Dow Jones Newswires: Shie-Lynn Lim: 28 April 2010
KUALA LUMPUR -(Dow Jones)- Palm oil producers and government officials from Malaysia and Indonesia will meet May 3 to discuss the latest round of attacks by Greenpeace and other environmental organizations that have blamed producers for destroying rain forests and biodiversity, an industry executive said Wednesday.
The meeting, to be held in Kuching, Sarawak will discuss issues that affect the palm oil industry, including greenhouse gas emissions and the use of peatlands for plantations, a practice that environmental groups say will increase GHG emissions as peat lands hold significant amounts of carbon.
Indonesia’s Sinar Mas came under fire recently after Greenpeace charged the company with failing to follow sustainable plantation practices required by the Roundtable on Sustainable Palm Oil (RSPO), a multi-stakeholder group formed to promote ethical plantation practices including the preservation of rain forests and biodiversity.
The report said Sinar Mas, the parent company of the Jakarta-listed PT Sinar Mas Agro Resources and Technology Tbk (SMAR.JK) and the Singapore-listed Golden Agri-Resources (E5H.SG), was widely involved in clearing rain forests and draining peatlands for developing oil palm plantations.
The campaign forced global giants such as Nestle N.V (NESN.VX) and Unilever Plc. (ULVR.LN) to stop sourcing palm oil from Sinar Mas, despite the company being a member of RSPO, an industry-sponsored certification body.
Sinar Mas has re-iterated its commitment to sustainable practices and appointed Control Union Certification and the BSI Group to carry out independent audits. It has also suspended a plantation manager who the company said was responsible for questionable practices.
But Greenpeace is demanding that even trading companies such as Cargill Inc. ( CRG.XX) boycott Sinar Mas’ palm oil, amid concerns that its produce is indirectly reaching end consumers through third parties, making the boycott by Unilever and Nestle meaningless. Cargill has said it would wait for the results of the external audit before taking a view.
“What is important is for us to strategise and improve communication between both parties to be well-positioned when the industry meets to address this issue at the RSPO level,” said Mamat Salleh, chief executive of the Malaysian Palm Oil Association.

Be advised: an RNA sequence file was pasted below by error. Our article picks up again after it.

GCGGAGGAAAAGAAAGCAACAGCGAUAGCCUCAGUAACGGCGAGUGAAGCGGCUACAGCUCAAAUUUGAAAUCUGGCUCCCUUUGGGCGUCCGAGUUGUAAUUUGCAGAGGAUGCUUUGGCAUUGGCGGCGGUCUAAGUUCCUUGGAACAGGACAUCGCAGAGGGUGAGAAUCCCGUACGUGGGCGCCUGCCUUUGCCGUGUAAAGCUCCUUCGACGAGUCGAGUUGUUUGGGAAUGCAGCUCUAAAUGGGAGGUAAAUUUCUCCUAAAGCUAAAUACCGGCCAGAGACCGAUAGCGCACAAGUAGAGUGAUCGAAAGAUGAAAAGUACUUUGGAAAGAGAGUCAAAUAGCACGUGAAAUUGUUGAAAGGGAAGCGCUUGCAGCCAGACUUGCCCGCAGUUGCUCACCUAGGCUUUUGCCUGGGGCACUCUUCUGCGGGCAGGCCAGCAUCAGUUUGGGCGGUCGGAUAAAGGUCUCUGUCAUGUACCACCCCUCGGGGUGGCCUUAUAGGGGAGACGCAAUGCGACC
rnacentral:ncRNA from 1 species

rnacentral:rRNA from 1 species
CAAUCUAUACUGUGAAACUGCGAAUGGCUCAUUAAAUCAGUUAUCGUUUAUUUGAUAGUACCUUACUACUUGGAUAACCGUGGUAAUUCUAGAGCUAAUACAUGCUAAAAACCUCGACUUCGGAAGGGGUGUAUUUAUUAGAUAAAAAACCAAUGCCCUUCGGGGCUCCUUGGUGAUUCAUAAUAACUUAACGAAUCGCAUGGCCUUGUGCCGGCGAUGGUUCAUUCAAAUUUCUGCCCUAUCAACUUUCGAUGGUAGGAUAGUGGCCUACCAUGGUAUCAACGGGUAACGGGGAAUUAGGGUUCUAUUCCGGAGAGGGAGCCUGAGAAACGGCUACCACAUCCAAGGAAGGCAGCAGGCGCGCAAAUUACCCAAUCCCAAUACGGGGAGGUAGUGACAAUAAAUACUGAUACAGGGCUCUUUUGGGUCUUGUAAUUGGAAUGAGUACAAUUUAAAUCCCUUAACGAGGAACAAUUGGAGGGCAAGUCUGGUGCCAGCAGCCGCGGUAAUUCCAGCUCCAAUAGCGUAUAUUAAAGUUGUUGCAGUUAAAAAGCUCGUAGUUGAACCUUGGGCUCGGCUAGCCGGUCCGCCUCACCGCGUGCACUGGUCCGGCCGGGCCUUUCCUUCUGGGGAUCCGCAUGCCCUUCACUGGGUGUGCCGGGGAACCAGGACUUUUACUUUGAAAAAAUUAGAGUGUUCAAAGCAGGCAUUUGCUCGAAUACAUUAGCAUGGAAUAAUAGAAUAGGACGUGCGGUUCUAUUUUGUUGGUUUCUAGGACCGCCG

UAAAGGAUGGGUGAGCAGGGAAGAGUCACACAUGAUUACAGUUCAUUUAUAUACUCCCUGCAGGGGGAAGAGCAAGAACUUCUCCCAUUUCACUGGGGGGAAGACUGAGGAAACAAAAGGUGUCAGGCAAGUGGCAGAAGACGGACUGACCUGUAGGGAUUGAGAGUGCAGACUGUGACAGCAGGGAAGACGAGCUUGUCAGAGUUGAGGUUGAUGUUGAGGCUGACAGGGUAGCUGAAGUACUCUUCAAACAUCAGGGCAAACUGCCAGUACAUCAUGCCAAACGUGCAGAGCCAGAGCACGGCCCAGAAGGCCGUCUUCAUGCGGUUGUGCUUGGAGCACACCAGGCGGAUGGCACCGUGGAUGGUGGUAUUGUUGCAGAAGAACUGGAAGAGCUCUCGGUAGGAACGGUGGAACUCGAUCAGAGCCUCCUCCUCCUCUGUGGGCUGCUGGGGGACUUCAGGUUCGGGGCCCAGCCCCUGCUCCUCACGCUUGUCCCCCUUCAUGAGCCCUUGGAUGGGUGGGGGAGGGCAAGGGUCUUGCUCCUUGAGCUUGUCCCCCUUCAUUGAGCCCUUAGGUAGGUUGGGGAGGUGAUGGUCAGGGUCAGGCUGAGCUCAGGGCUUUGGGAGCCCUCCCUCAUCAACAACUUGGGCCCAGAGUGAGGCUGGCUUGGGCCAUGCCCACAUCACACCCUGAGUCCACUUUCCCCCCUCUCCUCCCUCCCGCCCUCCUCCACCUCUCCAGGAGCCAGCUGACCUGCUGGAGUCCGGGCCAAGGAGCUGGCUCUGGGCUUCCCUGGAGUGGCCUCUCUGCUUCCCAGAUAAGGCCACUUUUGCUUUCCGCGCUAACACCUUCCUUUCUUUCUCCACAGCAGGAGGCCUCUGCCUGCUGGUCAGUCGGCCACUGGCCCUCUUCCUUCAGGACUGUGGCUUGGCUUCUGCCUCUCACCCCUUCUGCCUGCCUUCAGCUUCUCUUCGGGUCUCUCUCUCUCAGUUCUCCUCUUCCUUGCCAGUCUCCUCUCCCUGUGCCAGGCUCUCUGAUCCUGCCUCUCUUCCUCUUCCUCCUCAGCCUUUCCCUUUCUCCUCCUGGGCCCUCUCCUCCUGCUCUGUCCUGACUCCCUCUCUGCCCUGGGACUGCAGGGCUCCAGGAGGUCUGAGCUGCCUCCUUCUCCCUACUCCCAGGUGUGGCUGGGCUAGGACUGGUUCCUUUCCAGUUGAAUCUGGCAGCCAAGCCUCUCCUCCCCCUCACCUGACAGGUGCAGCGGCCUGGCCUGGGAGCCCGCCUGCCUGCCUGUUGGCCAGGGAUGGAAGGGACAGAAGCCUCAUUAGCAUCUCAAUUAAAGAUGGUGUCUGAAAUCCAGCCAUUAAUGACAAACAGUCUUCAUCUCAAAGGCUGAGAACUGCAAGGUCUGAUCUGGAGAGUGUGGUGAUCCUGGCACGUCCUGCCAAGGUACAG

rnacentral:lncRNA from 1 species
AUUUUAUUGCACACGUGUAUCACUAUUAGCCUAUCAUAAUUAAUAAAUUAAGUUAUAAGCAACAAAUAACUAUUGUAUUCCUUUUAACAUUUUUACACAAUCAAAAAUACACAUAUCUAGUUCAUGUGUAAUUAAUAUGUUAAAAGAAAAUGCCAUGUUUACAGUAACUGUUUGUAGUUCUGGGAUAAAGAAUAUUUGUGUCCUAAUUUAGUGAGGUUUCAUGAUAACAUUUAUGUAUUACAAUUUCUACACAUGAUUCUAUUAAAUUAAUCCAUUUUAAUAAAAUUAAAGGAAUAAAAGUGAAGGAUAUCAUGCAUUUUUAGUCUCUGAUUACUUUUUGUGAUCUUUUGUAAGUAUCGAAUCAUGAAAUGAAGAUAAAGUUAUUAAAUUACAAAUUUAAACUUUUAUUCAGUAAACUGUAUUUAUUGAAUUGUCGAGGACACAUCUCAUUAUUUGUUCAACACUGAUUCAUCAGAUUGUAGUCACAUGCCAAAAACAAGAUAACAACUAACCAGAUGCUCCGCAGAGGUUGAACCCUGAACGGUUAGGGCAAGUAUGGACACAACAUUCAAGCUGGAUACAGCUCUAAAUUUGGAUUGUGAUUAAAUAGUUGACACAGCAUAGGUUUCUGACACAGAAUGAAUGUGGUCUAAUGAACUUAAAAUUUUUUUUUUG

He said the upcoming meeting will be a follow-up from a collaboration agreement signed between the MPOA, the Indonesian Palm Oil Association and other plantation organizations in early March.
The meeting has generated much speculation amid talk that some palm oil producers, particularly those in Indonesia, may be planning to set up an alternative certification body, as they felt the RSPO hasn’t been able to serve their cause.
Some industry executives have even said the meeting will be the precursor to setting up the alternative certification body.
Most major plantation companies in Malaysia are members of the RSPO while only some Indonesian companies have joined the body. Indonesia and Malaysia currently account for about 85% of the global palm oil supply.
“The key issue in the upcoming meet is to discuss ways to address environmental and other issues” and producers are keen on a win-win solution at the RSPO level before opting to setup of a separate certification body, Salleh said.
Growers had threatened to walk out of the RSPO annual meeting last November and quit the organization if it agreed with demands by the E.U and Greenpeace to include additional conditions such as greenhouse gas (GHG) emissions to the already stringent certification process.
Many growers say they are burdened with too many RSPO requirements while those with certified oils feel the demand for “green” palm oil was sluggish as buyers weren’t willing to pay a premium for RSPO-certified sustainable palm oil.
By Shie-Lynn Lim, Dow Jones Newswires; +603 2026 1233; shie-lynn.lim@ dowjones.com